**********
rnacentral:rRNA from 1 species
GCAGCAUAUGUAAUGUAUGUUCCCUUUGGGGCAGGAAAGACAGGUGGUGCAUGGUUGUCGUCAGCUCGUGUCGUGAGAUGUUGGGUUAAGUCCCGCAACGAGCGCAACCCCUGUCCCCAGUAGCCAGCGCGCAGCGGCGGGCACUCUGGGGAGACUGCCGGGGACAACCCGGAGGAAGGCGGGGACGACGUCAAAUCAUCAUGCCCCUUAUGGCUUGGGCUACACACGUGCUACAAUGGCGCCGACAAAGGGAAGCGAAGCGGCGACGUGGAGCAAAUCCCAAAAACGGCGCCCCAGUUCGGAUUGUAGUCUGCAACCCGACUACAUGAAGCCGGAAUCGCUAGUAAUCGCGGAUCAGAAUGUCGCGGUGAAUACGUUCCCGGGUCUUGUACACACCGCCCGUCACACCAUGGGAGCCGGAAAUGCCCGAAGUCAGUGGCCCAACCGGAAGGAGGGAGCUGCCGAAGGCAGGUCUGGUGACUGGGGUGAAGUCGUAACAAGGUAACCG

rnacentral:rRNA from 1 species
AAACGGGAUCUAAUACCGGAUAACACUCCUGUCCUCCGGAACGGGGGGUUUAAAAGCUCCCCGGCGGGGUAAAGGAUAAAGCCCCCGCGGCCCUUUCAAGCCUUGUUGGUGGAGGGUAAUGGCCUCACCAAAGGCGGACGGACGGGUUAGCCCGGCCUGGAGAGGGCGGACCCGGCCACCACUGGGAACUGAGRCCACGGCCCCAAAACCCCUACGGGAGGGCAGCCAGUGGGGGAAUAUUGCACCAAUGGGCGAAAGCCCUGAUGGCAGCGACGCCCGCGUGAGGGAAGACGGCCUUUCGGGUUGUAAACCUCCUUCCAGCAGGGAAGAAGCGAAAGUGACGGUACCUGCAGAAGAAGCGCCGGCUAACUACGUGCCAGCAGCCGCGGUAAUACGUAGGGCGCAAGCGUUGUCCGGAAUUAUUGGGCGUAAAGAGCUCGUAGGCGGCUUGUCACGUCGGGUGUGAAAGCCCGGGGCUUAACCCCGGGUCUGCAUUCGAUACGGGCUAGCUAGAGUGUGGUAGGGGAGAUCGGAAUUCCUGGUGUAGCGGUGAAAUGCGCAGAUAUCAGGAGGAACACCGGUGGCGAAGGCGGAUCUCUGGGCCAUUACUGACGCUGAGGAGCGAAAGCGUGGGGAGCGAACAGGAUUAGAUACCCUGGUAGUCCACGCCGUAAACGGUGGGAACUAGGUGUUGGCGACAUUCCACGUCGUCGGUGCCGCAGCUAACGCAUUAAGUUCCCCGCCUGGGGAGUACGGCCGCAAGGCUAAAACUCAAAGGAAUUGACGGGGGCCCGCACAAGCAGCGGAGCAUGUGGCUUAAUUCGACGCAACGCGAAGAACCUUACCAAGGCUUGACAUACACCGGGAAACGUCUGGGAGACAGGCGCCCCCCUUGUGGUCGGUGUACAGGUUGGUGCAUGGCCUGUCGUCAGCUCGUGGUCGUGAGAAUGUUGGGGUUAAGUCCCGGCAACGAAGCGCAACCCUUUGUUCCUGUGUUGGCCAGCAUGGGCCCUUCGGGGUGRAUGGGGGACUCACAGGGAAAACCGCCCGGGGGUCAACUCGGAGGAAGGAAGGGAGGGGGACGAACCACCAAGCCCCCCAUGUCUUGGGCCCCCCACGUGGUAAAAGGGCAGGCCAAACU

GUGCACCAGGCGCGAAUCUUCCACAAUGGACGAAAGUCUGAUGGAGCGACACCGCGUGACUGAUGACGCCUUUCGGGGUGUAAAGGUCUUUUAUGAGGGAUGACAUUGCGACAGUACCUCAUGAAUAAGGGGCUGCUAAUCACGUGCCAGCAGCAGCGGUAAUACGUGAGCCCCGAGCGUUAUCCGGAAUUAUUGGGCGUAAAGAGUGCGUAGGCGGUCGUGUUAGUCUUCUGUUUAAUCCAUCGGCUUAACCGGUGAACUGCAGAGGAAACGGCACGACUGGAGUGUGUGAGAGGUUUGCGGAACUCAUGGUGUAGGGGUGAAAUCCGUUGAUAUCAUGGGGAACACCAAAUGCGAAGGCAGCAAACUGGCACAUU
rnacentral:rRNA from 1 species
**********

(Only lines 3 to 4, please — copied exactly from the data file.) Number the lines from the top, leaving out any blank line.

rnacentral:rRNA from 1 species
AAACGGGAUCUAAUACCGGAUAACACUCCUGUCCUCCGGAACGGGGGGUUUAAAAGCUCCCCGGCGGGGUAAAGGAUAAAGCCCCCGCGGCCCUUUCAAGCCUUGUUGGUGGAGGGUAAUGGCCUCACCAAAGGCGGACGGACGGGUUAGCCCGGCCUGGAGAGGGCGGACCCGGCCACCACUGGGAACUGAGRCCACGGCCCCAAAACCCCUACGGGAGGGCAGCCAGUGGGGGAAUAUUGCACCAAUGGGCGAAAGCCCUGAUGGCAGCGACGCCCGCGUGAGGGAAGACGGCCUUUCGGGUUGUAAACCUCCUUCCAGCAGGGAAGAAGCGAAAGUGACGGUACCUGCAGAAGAAGCGCCGGCUAACUACGUGCCAGCAGCCGCGGUAAUACGUAGGGCGCAAGCGUUGUCCGGAAUUAUUGGGCGUAAAGAGCUCGUAGGCGGCUUGUCACGUCGGGUGUGAAAGCCCGGGGCUUAACCCCGGGUCUGCAUUCGAUACGGGCUAGCUAGAGUGUGGUAGGGGAGAUCGGAAUUCCUGGUGUAGCGGUGAAAUGCGCAGAUAUCAGGAGGAACACCGGUGGCGAAGGCGGAUCUCUGGGCCAUUACUGACGCUGAGGAGCGAAAGCGUGGGGAGCGAACAGGAUUAGAUACCCUGGUAGUCCACGCCGUAAACGGUGGGAACUAGGUGUUGGCGACAUUCCACGUCGUCGGUGCCGCAGCUAACGCAUUAAGUUCCCCGCCUGGGGAGUACGGCCGCAAGGCUAAAACUCAAAGGAAUUGACGGGGGCCCGCACAAGCAGCGGAGCAUGUGGCUUAAUUCGACGCAACGCGAAGAACCUUACCAAGGCUUGACAUACACCGGGAAACGUCUGGGAGACAGGCGCCCCCCUUGUGGUCGGUGUACAGGUUGGUGCAUGGCCUGUCGUCAGCUCGUGGUCGUGAGAAUGUUGGGGUUAAGUCCCGGCAACGAAGCGCAACCCUUUGUUCCUGUGUUGGCCAGCAUGGGCCCUUCGGGGUGRAUGGGGGACUCACAGGGAAAACCGCCCGGGGGUCAACUCGGAGGAAGGAAGGGAGGGGGACGAACCACCAAGCCCCCCAUGUCUUGGGCCCCCCACGUGGUAAAAGGGCAGGCCAAACU